4. The first person should hold the neck and head in the same position as possible. Since the helmet was holding the neck in a level position, you should put something under the injured head, like a jacket. If you just put his/her head down on the ground, you can cause spinal injuries.

The other option is to take off the helmet by yourself if there are no helpers around. However, you should be aware that this situation more risky, but necessary, if previously mentioned previously mentioned situations occur. This removal is based on two-person helmet removal. The rider is on his back and his head is on the side.

1. Prepare a jacket or something you will out under the head of the injured once, you remove the helmet.
2. Kneel at the head of an injured rider, unhook the chin strap and move the head into straight position.
3. Hook your finger in the straps on each side, as to make the removal easier and foams ion the side smaller. After that, you start to pull the helmet.
4. Once you get the helmet to the point where you can put your right hand into the shell of the helmet and with your left hand, you cup the head. Also, make sure the left elbow is on the ground. Once the helmet comes completely off you will need to support the whole weight of the head with only your hand.
5. After you have secured the head in your left hand, you can slowly, without raising it, remove the helmet.
6. Finally, you put the jacket you prepared early under the head of the rider, as to prevent spinal injuries. Then you do not move his/her head anymore.

What to do, if the injured rider is throwing up vomit or blood?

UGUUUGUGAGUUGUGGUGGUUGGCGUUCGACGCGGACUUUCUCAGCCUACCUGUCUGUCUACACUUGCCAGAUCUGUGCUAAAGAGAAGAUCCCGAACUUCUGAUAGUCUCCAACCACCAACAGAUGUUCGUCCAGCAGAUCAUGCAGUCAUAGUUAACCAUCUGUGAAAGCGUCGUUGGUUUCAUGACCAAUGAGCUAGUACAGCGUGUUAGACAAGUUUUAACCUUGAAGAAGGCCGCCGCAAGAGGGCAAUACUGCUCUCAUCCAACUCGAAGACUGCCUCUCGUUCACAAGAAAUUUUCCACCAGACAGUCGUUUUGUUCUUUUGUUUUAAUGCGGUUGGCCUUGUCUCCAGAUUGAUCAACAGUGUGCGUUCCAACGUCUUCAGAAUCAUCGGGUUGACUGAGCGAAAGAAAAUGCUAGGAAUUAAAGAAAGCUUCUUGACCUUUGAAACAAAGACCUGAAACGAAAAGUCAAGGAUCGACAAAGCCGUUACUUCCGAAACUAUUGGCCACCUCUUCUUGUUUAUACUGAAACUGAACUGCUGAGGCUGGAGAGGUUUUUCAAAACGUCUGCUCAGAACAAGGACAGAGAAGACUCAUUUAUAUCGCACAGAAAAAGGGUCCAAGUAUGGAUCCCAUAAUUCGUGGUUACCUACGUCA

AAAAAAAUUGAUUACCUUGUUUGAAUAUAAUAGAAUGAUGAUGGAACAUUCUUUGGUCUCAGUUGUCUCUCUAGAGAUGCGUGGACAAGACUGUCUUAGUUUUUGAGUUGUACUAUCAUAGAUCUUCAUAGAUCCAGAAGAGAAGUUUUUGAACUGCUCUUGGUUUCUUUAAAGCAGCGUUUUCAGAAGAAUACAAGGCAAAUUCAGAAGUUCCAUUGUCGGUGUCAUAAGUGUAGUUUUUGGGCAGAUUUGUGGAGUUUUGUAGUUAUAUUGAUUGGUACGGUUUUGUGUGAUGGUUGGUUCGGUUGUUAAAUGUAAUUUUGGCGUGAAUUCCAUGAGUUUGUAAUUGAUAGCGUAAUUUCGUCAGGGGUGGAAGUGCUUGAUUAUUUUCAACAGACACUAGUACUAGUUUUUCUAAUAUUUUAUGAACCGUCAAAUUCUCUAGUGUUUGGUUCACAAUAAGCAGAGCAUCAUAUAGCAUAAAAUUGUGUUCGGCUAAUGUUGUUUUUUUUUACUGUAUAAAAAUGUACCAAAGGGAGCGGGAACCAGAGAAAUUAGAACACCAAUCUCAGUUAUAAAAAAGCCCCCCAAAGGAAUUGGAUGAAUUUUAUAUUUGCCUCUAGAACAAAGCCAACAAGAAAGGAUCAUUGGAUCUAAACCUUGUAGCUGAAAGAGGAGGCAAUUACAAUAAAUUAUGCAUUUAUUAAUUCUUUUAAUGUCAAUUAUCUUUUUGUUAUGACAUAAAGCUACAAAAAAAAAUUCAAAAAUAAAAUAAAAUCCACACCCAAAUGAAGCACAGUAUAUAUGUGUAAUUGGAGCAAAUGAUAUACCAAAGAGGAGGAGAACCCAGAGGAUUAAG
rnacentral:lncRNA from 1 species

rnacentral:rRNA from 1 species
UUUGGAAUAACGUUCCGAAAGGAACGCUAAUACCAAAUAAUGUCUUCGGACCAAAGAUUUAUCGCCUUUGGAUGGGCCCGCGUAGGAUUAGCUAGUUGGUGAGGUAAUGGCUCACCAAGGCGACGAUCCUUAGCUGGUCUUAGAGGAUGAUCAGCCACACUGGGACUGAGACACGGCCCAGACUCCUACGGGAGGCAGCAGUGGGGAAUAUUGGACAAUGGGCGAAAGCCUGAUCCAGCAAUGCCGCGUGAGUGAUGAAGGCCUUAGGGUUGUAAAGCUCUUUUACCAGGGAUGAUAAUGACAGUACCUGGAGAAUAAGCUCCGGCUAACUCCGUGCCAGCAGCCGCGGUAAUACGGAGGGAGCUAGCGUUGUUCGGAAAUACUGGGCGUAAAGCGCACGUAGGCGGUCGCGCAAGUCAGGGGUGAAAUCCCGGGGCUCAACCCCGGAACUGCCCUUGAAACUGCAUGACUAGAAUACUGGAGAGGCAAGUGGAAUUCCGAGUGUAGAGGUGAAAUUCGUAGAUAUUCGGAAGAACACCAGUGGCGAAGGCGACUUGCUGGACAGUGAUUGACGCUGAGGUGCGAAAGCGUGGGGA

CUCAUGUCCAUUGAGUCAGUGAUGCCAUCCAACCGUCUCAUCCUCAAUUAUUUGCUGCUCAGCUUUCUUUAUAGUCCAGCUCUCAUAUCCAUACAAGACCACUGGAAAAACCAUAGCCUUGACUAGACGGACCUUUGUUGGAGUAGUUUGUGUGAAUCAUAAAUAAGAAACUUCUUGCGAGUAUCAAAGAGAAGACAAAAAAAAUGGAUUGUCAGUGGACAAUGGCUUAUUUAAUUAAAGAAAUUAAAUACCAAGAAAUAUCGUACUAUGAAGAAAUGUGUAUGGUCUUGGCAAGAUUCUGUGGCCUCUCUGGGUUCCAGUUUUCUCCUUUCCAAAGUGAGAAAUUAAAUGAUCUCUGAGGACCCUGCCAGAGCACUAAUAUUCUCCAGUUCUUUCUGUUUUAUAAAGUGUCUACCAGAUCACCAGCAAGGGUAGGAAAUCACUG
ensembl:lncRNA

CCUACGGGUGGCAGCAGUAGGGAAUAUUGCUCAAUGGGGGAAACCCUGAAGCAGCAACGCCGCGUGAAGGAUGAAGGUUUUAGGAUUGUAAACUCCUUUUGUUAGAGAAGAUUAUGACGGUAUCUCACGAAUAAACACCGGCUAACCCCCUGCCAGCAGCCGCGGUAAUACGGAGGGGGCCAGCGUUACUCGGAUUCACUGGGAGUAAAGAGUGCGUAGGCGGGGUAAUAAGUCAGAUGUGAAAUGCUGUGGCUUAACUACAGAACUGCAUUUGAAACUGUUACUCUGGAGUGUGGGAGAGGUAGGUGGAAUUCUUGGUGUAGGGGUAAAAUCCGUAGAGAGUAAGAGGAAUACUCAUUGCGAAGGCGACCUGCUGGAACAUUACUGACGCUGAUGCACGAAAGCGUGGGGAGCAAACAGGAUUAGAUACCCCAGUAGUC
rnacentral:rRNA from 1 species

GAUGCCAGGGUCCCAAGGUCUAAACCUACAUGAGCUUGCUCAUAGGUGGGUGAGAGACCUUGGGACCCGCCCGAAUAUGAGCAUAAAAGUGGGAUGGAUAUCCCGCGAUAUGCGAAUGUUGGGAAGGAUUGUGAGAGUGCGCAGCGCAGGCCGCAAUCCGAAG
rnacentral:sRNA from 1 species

Ok, so this is a basic one. First, you take off the helmet; like it was described in the previous section and then you put the rider inside or recovery position. You all know that once – you turn the person on its side and put his/her limbs into locked position so they do not turn cannot turn on their back again. Also, make sure that the head is down and chin raised, so that they can breathe or even excrete fluids from the mouth. If he/she stops to throw up and is breathing normally, you should slowly and with extra care for the neck and spine, move him back on the side.


Lastly, I will show you what is in the first aid kits that motorcyclists are required by law to have on their motorcycles. It always helps to be prepared, since motorcycle first aid kit is rather small and have a lot less than those for cars.

The kit is the same as in all EU and it costs about 10 Euros here in Slovenia. Since it is meant for a motorcycle, the content is scarcer. Let take a lot what is inside and what is different from a car first aid.

First aid kit ¹:
– 1 x Bandage the type 3, 12 cm x 5 cm (in the car there are 2 x bandages type 3 and 3 x bandages type 2)
– 1 x Burn dressing Aluplast for burn 5 x 9 cm, sterile
– 1 x Burn dressing Aluplast for burn 50 × 60 cm, sterile
– 1 x Dressing, 5 × 5cm, sterile (in the car: 2 pieces)
– 1 x Dressing 10 x 10 cm, sterile (in the car: 6 pieces)
– 1 x Elastic bandages 8 cm x 4m (in the car there are 2 pieces of 8 cm x 4 cm and 1 piece of 10 cm x 4 cm)
– 1 x Triangle bandage, 100 × 100 × 140 cm (in the car: 3 pieces)
– 2 x Glove, 1 par (in car there are two pars)
– 1 x Laminate plastic for respiration on mouth
– 1 x Two-sided metalized foil for temperature control, 210 x160 cm
– 1 x Scissors with rounded tip
– 2 x Adhesive bandage, 10 × 8 cm (in the car: 5 pieces)
– 1 x Band-Aid, 1 cm x 1 m
– Instructions for first aid kit
– Packing list


As you can see from the list, the first aid kit for motorcycles has the same content as a first aid kit for the car. However, it has a lot less in the quantity department. It does help to know what you have in your first aid kit you are carrying with you around.

What does your first aid kit contain? More? Less? You can also send me what else do you think should be in first aid kit, but is not.